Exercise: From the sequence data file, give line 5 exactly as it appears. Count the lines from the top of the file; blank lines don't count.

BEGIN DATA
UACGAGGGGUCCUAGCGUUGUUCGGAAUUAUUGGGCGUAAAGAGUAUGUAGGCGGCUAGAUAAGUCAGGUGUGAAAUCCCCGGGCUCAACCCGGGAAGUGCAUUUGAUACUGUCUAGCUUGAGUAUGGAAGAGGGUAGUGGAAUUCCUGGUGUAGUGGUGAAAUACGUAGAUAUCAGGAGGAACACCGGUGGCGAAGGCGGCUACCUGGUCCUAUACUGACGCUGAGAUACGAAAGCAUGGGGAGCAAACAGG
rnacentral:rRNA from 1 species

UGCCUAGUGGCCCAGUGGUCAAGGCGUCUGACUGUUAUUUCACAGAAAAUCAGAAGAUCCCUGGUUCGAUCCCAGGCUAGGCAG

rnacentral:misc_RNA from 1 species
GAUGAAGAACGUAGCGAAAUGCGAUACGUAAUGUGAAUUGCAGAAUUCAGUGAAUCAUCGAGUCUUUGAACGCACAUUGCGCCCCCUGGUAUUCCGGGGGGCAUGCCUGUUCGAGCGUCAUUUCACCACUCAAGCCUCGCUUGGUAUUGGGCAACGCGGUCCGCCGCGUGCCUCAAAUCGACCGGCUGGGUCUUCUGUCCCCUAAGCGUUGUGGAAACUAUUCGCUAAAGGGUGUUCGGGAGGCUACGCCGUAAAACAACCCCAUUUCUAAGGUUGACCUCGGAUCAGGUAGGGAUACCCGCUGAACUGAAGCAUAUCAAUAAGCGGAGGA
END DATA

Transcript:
GAUGAAGAACGUAGCGAAAUGCGAUACGUAAUGUGAAUUGCAGAAUUCAGUGAAUCAUCGAGUCUUUGAACGCACAUUGCGCCCCCUGGUAUUCCGGGGGGCAUGCCUGUUCGAGCGUCAUUUCACCACUCAAGCCUCGCUUGGUAUUGGGCAACGCGGUCCGCCGCGUGCCUCAAAUCGACCGGCUGGGUCUUCUGUCCCCUAAGCGUUGUGGAAACUAUUCGCUAAAGGGUGUUCGGGAGGCUACGCCGUAAAACAACCCCAUUUCUAAGGUUGACCUCGGAUCAGGUAGGGAUACCCGCUGAACUGAAGCAUAUCAAUAAGCGGAGGA